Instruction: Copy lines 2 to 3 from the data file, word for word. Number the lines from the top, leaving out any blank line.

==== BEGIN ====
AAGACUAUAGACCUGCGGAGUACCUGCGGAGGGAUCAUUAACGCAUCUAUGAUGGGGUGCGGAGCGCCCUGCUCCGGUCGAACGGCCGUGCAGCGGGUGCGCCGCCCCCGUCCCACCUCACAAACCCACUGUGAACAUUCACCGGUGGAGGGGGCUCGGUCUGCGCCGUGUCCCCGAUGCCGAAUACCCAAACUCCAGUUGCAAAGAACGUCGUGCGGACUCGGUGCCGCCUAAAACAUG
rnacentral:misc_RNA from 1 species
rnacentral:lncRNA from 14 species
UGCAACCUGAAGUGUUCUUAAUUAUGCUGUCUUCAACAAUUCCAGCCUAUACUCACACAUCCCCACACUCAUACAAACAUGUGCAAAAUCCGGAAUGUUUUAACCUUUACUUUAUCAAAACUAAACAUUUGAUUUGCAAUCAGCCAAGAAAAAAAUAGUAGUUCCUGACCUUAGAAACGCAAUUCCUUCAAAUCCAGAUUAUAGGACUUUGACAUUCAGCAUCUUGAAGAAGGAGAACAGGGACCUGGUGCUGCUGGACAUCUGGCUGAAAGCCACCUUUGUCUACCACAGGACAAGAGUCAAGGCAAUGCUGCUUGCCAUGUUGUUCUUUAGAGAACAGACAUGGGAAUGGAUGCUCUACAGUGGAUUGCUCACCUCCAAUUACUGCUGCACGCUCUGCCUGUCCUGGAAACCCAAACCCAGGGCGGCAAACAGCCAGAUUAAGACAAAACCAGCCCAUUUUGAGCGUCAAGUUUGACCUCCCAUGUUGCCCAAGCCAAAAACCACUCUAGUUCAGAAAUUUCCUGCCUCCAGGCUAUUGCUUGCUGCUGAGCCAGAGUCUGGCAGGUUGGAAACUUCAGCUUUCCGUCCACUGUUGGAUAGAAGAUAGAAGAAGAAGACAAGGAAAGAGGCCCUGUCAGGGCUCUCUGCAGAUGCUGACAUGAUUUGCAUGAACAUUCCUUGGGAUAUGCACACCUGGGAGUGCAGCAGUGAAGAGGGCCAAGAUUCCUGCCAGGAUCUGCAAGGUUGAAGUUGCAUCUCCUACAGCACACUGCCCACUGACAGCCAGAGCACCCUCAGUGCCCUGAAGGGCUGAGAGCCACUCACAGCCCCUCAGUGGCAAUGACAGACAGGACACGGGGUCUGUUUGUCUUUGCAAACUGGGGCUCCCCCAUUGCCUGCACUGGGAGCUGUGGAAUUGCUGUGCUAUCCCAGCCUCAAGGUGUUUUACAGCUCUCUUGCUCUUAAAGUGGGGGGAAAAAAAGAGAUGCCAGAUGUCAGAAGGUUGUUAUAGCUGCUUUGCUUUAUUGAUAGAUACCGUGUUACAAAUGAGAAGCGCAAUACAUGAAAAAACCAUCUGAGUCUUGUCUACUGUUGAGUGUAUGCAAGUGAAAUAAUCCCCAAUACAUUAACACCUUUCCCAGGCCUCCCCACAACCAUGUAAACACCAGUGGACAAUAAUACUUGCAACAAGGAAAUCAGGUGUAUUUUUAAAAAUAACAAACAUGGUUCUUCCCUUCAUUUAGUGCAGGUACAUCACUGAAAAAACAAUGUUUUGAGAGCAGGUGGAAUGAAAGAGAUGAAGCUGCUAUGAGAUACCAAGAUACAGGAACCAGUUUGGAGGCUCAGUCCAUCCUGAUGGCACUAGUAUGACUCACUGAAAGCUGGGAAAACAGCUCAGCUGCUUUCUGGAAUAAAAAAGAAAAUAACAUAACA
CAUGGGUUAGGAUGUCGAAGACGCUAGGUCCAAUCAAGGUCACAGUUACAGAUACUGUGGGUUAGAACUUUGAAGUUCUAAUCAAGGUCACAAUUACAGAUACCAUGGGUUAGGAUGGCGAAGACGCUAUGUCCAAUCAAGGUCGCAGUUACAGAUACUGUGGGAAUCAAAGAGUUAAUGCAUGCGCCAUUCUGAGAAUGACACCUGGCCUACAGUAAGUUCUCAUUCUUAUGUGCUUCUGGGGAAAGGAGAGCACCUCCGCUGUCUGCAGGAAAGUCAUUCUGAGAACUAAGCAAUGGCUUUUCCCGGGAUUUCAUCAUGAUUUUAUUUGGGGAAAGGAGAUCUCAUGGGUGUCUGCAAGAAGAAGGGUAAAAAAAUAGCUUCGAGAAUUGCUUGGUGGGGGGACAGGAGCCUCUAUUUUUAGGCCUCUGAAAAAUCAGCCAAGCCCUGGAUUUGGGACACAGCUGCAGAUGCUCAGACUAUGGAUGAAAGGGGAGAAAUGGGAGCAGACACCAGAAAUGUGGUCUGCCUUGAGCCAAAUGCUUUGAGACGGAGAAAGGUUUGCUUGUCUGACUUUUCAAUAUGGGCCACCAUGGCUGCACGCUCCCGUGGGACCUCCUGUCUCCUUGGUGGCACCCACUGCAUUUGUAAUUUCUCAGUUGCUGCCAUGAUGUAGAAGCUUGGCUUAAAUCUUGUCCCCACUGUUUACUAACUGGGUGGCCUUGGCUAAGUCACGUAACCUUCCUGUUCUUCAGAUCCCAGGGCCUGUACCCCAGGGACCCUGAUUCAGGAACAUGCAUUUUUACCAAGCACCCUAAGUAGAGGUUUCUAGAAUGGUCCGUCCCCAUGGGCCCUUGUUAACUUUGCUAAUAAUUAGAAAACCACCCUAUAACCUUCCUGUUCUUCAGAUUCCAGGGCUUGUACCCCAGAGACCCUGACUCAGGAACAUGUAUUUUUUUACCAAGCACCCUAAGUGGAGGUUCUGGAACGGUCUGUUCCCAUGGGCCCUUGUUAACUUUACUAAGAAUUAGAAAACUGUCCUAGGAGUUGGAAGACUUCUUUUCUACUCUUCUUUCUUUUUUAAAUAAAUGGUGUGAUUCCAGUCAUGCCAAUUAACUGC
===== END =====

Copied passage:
rnacentral:misc_RNA from 1 species
rnacentral:lncRNA from 14 species